Sigh - Scorn Defeat
Deathlike Silence Productions
Black Metal
7 songs (43:11)
Release year: 1993
Reviewed by James
Archive review

If you ever wanted a testament to the power of metal to cross borders, look no further than Sigh. Despite hailing from a country with barely any extreme metal scene, and despite living thousands of miles away from any players in the nascent black metal movement, Sigh still struck up a correspondence with Mayhem guitarist and black metal figurehead Euronymous. Indeed, the band impressed him so much that Sigh were signed to his prestigious Deathlike Silence label, cementing their place in black metal history and placing them alongside such company as Burzum and Enslaved. And Scorn Defeat certainly holds its own against any of those early releases, being utterly unique in the black metal canon. Unlike their friends in the north, Sigh were a truly old-school proposition, funneling classic Bathory and Celtic Frost through a somewhat leftfield filter, that makes it seem all the nastier in the end.

Maybe it's the band's remote location, or their much publicized use of psychedelics, but Scorn Defeat is perhaps the most unusual of all the early black metal releases. Although the music, at face value, is no more bizarre than anything else released at the time, Sigh seem to have imbued Scorn Defeat with an odd, dreamlike quality. Perhaps it's the weird, echo-y production, or the way the keyboards seem randomly slotted into the music, but what Sigh have done is subtly tweak fairly conventional extreme metal just enough to make it seem strange and nightmarish. Scorn Defeat is an album loaded with evil atmosphere, and much like any good horror film, it gives the listener a sense that something is very very wrong here. Things reach somewhat of a crescendo on Gundali, where the band drop the metal entirely for a frenzied invocation over ritual drumming and gothic keys. When suddenly, for no reason whatsoever, the music jumps to a virtuoso display of classical piano (played by frontman Mirai Kwashima). The best way to describe Sigh's music is probably in the band's own words, who used the metaphor of a film to describe the way their music shifts jarringly. Every now and then, it'll abruptly cut to a different scene.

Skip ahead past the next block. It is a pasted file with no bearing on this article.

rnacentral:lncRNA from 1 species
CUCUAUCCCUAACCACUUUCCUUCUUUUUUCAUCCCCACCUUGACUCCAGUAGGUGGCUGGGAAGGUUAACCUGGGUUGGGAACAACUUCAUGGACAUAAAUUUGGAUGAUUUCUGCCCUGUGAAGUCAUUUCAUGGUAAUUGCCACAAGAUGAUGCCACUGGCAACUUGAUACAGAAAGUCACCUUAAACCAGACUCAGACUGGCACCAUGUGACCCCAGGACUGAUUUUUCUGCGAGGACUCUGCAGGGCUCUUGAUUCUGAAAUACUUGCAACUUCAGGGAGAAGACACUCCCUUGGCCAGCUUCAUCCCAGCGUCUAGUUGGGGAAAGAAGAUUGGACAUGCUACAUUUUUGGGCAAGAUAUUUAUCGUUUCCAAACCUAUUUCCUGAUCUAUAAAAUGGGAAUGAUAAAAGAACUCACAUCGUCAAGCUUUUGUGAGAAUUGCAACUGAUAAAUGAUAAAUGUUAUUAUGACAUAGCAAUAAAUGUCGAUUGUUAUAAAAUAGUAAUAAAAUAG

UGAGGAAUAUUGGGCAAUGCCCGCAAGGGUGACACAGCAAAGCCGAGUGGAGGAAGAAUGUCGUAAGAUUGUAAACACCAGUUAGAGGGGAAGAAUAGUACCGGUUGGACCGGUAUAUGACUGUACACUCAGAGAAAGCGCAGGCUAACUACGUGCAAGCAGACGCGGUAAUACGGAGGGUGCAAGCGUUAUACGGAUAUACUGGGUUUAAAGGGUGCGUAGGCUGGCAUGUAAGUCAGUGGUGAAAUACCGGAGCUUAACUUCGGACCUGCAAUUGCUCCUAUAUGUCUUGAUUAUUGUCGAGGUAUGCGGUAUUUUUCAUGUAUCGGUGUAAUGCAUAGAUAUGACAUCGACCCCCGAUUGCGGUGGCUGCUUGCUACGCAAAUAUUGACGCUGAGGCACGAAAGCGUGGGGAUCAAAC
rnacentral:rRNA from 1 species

By rights, Scorn Defeat shouldn't work. It's shoddily recorded, appallingly played (guitarist Shinichi's solos are basically atonal flailings that sound completely out of place, and the drums sound like they were played by a 5-year-old much of the time) and most of the music doesn't make any damn sense. Yet perhaps it's for those reasons, the sheer wrongness of the album, that it triumphs. Each riff is a lumbering, tormented beast that drags itself towards you like something out of Silent Hill. And even though there are moments of great beauty in Mirai's piano playing, even those are tainted with the creeping sense of unease that permeates the album (just check the gorgeous outro of Ready For The Final War, that ends abruptly in harsh, slamming, dissonant chords). And even though the band have only grown stranger over time, they've never again captured the uniquely disturbing quality that enabled them to craft this work of evil genius.

Killing Songs :
James quoted 98 / 100
Other albums by Sigh that we have reviewed:
Sigh - Heir to Despair reviewed by Goat and quoted 80 / 100
Sigh - Graveward reviewed by Goat and quoted 70 / 100
Sigh - In Somniphobia reviewed by Goat and quoted 93 / 100
Sigh - Ghastly Funeral Theatre reviewed by Crash and quoted no quote
Sigh - Scenes From Hell reviewed by James and quoted 82 / 100
To see all 10 reviews click here
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